Divider: The Laser-Powered Drum Machine

The rise of electronic music in recent years has propelled the drum machine into the public eye more prominently than ever before. With electronic music showing very little indication of going away anytime soon, expect to see intriguing experiments and projects combining music and technology.

Such is the case with “Divider,” a large laser-powered drum machine installation, says Engadget, created by Russian artist Vtol. The machine, described by Vtol as “an autonomous light-music installation,” serves as a collaborative project between Polytechnic Museum Moscow and Ars Electronica Lins.

Laser Powered Drum Machine
Would you travel to see the Laser Powered Drum Machine if you were in Russia?

The machine works by utilizing seven red lasers, 42 fans, a mono sound system, and four Arduino controllers. Divider’s laser beams are disrupted by fans with a photo sensor on the end, which monitors the presence or absence of laser light. The lasers serve as “independent binary variables,” creating the basis from which all of Divider’s sounds originate. The speed of the multiple fans helps to create the range of sounds, due to the modulation of the laser’s light.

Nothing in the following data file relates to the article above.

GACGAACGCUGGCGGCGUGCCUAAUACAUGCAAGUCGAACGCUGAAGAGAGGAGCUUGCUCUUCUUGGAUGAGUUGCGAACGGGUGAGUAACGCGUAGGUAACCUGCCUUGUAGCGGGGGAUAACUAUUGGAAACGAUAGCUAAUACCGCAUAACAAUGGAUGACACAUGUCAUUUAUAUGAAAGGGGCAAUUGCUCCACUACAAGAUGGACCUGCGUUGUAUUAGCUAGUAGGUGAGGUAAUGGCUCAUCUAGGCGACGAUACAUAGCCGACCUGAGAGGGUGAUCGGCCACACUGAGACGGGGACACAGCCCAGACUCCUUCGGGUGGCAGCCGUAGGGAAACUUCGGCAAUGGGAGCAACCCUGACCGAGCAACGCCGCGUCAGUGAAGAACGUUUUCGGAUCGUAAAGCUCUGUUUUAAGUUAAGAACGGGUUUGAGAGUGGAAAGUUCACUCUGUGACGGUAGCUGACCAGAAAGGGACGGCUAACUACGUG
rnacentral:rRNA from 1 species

The Inspiration for Divider

Divider was inspired by Rhythmicon, often considered the first electronic drum machine, invented by Léon Theremin in 1931. Rhythmicon used spinning disks and optical sensors to create its unique sounds. Drawing parallels between Vtol’s 21st-century Divider and Theremin’s Rhythmicon is far from a challenge.

Unfortunately, if you want to see Divider up close and personal, you’ll have to head to Russia to see it on display at Polytechnic Museum Moscow. Currently, there are no plans to tour or sell the device once it is no longer on display.

You can check out the Divider in action below:

Explore even more technology with our article on the Star Trek Replicator, part of our Science Fiction or Science Fact? Series.